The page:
Submitted to OnFocus – As the school year is wrapping up, the WRPD is reminding students that making a hoax threat against a school or other public place is a serious crime.
It drains law enforcement resources and causes distress to students, parents and school staff. It can cost taxpayers thousands of dollars. If convicted a person can be sentenced up to five years in prison.
Parents of a student who is found to have made a hoax threat can expect their student to be expelled from school, and may even receive an invoice for restitution for emergency service expenses.
Parents, please talk to your students about the seriousness of hoax threats. It’s not a joking matter; nobody including Teachers, Parents or Law Enforcement thinks it’s funny. We take all of these matters seriously and investigate each one as if a threat is real.
To report any threat or alleged threat, please report as soon as possible with school administration, teachers, or your local law enforcement so it can be investigated fully. Information can be shared directly and anonymously through our local school district
STOPIT app, or Wood County Crime Stoppers.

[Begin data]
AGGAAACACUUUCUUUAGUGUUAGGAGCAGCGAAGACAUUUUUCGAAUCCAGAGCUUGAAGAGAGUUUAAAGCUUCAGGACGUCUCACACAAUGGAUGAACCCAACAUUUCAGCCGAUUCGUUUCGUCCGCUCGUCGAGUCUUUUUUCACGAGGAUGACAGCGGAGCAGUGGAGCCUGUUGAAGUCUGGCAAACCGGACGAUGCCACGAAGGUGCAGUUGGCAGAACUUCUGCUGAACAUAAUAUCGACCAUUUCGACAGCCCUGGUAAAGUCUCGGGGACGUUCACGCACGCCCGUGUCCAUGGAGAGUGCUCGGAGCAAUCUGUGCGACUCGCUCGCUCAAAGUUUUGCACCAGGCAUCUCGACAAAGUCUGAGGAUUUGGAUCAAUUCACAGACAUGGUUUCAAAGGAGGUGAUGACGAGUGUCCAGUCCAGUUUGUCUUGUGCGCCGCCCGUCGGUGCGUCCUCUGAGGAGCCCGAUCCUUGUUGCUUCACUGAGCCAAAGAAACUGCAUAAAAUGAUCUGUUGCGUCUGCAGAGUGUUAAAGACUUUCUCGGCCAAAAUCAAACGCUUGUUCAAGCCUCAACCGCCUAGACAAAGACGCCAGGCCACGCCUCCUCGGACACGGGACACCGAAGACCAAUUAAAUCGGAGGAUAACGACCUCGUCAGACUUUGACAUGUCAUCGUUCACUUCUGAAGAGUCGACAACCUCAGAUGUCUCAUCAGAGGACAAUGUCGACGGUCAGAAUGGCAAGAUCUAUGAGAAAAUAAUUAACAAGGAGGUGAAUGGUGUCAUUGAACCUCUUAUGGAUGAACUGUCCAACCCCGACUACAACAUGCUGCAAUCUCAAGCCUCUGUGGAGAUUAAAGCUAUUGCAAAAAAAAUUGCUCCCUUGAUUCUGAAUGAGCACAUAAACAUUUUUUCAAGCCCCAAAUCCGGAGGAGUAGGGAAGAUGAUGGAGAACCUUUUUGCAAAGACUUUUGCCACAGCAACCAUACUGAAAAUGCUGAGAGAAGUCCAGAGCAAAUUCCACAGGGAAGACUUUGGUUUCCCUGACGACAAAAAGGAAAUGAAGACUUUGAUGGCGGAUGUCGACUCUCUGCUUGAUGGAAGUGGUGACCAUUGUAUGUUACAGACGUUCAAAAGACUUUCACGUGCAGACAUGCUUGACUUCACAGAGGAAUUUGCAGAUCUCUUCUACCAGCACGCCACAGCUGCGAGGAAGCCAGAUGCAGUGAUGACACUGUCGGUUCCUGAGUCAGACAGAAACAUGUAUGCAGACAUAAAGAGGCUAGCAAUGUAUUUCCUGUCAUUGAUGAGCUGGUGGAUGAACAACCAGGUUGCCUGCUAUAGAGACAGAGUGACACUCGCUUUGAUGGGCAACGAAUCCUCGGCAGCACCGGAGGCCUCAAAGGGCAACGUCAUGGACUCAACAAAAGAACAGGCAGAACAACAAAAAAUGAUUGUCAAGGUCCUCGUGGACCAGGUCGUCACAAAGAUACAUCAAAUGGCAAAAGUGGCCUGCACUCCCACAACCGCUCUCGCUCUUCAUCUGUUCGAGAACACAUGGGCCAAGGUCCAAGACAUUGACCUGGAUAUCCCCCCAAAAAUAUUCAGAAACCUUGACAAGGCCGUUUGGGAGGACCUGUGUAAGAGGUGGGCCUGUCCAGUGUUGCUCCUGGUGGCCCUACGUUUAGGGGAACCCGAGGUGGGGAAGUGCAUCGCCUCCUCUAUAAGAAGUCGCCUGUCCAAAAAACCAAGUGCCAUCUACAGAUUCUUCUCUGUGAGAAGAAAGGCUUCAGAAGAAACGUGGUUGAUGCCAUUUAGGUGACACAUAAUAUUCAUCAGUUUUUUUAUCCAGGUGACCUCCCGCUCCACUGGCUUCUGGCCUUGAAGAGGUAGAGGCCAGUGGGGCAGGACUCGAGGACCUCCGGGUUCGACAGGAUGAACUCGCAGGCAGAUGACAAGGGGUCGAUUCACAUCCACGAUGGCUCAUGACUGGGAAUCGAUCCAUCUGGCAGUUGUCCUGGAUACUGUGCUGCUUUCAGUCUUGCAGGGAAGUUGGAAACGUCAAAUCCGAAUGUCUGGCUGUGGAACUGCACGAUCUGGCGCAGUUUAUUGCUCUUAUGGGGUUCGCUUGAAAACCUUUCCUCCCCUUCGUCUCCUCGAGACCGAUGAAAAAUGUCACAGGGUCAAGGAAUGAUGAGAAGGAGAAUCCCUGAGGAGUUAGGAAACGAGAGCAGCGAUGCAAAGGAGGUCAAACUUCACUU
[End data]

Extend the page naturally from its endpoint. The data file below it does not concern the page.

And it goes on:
If you are a student or parent and wish to use the school-district provided app called STOPit, please do so. https://appweb.stopitsolutions.com/ the code needed to gain access for Lincoln High School is: redraiders
The Wood County Crime Stoppers have a new app to help solve and report crime in our community. The new app, P3, can be downloaded for free onto your phone or used online at http://p3tips.com/index.htm This new app does eliminate the text-a-tip program that had been previously used. The Wood County Crime Stoppers tip line will still be available for citizens to call in 1-800-325-STOP (6867).
What took a few seconds to write, will result in a lifetime of consequences.
Here are a few examples of serious threats that the FBI and other law enforcement agencies have investigated:
- Two young men in Kentucky created a social media account in someone else’s name and used it to make threats against a public school, which police investigated and determined to be a hoax. An 18-year-old was sentenced to 21 months in prison and a 19-year-old was sentenced to 27 months.
- A young man in Texas used social media and a phone to issue threats against schools in Minnesota. He also called in fake hostage situations, known as “swatting.” He was arrested, pleaded guilty, and was sentenced to more than three years in federal prison. He was 19 at the time of sentencing.
- A 21-year-old South Carolina man was sentenced to one year in federal prison after he sent text messages claiming there was a bomb in the parking lot of a Veterans Affairs Medical Center in the state.
- An 18-year-old North Carolina man was sentenced to 22 months in federal prison and was ordered to pay restitution after he broadcast himself on the Internet calling in bomb threats to various public places, including schools, colleges, and FBI offices.
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